Saturday, March 27, 2010

Mystery Book Review: Deadlines by Paul McHugh

Mysterious Reviews

Mysterious Reviews, mysteries reviewed by the Hidden Staircase Mystery Books, is publishing a new review of Deadlines by Paul McHugh. For our blog readers, we are printing it first here in advance of its publication on our website.

Deadlines by Paul McHugh


Lost Coast (Trade Paperback)
ISBN-10: 1-935448-04-8 (1935448048)
ISBN-13: 978-1-935448-04-4 (9781935448044)
Publication Date: February 2010
List Price: $16.95

Review: Paul McHugh's second novel, Deadlines, is less of a mystery than a character study from an insider who clearly knows the newspaper business, inside and out.

Sebastian Palmer blew into The City late in the summer of 2007. By City, I actually mean California's "Babylon-by-the-Bay" -- as a Post-Dispatch newspaper columnist once dubbed it -- San Francisco.

Palmer is a newspaper neophyte from Florida, eager to make a name for himself as an investigative reporter for the San Francisco Post-Dispatch, just not sure he wants to start at the bottom writing press releases on upcoming events. He stumbles onto an interesting story when he takes a call from Beverly Bancroft, an elderly woman who tells him she's being threatened by members of the Cornu Point Association, which manage the coastal land given by her family to the state to preserve as a park. She offers to send him some information to support her claim, and he agrees to look at it. But the potential story takes a deadly turn when the next day Beverly Bancroft is accidentally killed by a rider on a horse while walking with her dog on Cornu Point. Palmer decides to look into the matter further and discovers there are those who found the old woman more than a little troublesome and may have had a motive for murder.

Deadlines uses the "Columbo" strategy of detailing the whodunit, howdunit, and, for all practical purposes, whydunit in an opening prelude, allowing (in this case) investigative reporter Sebastian Palmer to lay the groundwork for the authorities to identify the culprit. Assisting him are Elle Jatoba, a woman he meets at a rock climbing gym, and Colm MacCay, a long-time columnist, who the paper's new management would like nothing more than to see leave, voluntarily if possible. The book is largely narrated in first person from the point of view of MacCay, though some early chapters are written in third person, as if MacCay is providing background information to the reader. It's a little confusing initially, since MacCay was obviously not present to relate, for example, the conversation between Palmer and Elle while they're rock climbing, or the details of when Palmer first visits Cornu Point.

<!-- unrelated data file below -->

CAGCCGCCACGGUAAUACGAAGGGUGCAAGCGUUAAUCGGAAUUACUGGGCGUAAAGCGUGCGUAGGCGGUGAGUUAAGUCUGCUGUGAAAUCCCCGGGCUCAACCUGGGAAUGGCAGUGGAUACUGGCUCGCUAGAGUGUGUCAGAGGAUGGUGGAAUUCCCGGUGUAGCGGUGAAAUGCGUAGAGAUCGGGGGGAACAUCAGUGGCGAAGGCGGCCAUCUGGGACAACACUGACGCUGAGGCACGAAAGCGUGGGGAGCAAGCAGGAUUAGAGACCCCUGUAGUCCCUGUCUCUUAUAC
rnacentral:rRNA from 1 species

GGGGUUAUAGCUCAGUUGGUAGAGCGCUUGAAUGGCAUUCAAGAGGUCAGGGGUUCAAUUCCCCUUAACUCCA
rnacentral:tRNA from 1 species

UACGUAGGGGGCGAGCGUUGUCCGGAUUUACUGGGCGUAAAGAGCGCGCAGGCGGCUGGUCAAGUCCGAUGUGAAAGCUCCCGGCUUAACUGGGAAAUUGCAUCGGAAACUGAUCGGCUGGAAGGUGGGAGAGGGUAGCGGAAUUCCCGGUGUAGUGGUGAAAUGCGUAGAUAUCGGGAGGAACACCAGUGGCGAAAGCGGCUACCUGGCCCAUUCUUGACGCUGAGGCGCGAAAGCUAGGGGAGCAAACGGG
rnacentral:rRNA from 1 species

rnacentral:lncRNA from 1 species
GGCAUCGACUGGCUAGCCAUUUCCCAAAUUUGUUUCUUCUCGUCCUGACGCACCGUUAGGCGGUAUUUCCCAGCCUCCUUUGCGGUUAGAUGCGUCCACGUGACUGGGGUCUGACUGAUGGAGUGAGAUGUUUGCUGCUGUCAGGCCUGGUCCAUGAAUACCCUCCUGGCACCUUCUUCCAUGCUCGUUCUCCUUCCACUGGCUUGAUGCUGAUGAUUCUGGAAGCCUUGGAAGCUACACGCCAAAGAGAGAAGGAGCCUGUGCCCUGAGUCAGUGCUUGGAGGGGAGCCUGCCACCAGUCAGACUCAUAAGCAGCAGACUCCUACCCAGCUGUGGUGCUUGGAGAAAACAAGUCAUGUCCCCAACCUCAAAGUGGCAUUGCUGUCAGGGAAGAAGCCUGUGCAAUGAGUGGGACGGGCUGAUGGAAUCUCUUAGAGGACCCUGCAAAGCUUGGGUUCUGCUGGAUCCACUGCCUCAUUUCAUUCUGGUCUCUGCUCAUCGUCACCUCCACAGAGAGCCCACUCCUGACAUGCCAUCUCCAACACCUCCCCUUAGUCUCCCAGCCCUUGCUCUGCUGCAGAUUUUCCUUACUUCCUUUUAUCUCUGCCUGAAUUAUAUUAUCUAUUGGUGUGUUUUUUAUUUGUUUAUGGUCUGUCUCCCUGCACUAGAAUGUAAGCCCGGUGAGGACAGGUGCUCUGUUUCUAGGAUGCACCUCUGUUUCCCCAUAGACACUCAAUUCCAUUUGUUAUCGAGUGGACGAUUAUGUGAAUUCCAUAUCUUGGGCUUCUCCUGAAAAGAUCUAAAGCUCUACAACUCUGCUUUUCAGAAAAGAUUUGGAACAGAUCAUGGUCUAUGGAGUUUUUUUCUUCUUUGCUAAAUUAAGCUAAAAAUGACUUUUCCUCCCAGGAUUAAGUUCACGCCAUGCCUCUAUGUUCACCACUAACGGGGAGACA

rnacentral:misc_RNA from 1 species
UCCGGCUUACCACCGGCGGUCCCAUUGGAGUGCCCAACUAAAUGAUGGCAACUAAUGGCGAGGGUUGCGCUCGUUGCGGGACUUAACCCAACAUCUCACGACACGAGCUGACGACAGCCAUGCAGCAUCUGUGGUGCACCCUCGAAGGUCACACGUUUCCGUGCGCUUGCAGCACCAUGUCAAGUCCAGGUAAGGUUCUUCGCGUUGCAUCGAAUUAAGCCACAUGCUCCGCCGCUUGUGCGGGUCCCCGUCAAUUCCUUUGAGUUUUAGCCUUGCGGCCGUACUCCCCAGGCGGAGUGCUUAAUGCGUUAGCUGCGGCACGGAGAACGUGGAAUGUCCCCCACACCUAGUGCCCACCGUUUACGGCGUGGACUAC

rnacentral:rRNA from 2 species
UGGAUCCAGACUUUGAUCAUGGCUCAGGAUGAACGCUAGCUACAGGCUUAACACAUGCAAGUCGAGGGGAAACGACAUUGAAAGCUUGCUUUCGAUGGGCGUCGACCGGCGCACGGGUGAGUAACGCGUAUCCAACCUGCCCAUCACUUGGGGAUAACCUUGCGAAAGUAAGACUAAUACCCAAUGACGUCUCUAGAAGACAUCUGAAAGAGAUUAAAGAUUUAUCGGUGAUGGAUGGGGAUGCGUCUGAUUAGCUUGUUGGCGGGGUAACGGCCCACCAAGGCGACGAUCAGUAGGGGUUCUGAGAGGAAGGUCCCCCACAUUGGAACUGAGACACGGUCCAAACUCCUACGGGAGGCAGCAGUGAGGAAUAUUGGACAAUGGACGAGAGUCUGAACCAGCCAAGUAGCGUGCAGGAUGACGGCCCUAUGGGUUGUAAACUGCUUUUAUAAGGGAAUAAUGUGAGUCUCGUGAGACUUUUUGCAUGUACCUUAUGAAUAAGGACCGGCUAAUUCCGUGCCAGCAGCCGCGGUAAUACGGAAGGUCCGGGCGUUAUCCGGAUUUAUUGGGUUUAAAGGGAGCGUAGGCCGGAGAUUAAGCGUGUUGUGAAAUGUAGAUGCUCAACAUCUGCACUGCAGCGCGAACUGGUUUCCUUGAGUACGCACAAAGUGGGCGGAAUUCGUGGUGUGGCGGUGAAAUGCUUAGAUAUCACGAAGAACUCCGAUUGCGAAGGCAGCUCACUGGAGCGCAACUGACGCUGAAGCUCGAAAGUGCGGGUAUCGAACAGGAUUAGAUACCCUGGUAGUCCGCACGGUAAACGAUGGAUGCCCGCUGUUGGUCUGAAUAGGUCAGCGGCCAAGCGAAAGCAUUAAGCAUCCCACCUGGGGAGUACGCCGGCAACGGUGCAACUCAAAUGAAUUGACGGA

When all is said and done, however, the book is about MacCay. Palmer, the murder, the investigation, are all used to help define MacCay as a character, a Pulitzer Prize nominee (three times!) who's gotten cynical and jaded, who fondly recalls the glory days of the power and influence that newspapers once wielded and now fears what the future may hold for the medium, who relishes the fact that he can't be fired from a job that he obviously loves but seems to have grown to hate, and who sees in Palmer a younger version of himself and wonders how he came to be the man he is today. The subtitle of the book is "a novel of murder, conspiracy, and the media", which it most definitely is, but Deadlines is mostly a novel about the life journey of a journalist ... and one has to wonder how biographical this tale may be.

Special thanks to Paul McHugh for providing a copy of Deadlines for this review.

Review Copyright © 2010 — Hidden Staircase Mystery Books — All Rights Reserved

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Synopsis (from the publisher): Elderly land-use activist Beverly Bancroft is found dead on a beautiful stretch of California shoreline. Her murder, disguised as a tragic accident, plunges Sebastian Palmer into his first newspaper investigation. Veteran columnist Colm MacCay is assigned as his mentor. Palmer and a new friend, Elle Jatobá, who yearns to be a cop, begin to unravel the mystery behind the death. Then the conspirators come after Palmer.

It falls to MacCay to revive his dormant investigative skills, and persuade Elle to join him in uncovering the land-grab scheme behind the assaults. MacCay and Jatobá face a determined killer. At stake are their lives and the fate of the California coast. Their search for clues takes them from waterfront bars to a smugglers’ den, from downtown San Francisco to corridors of power in Sacramento, from the glitter of Las Vegas to an isolated monastery on the Big Sur coast. En route, MacCay must battle his dubious new bosses at the Post-Dispatch, as well as his own inner demons.

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Lance Wright owns and manages Omnimystery, a Family of Mystery Websites, which had its origin as Hidden Staircase Mystery Books in 1986. As the scope of the business expanded, first into book reviews — Mysterious Reviews — and later into information for and reviews of mystery and suspense television and film, all sites were consolidated under the Omnimystery brand in 2006.

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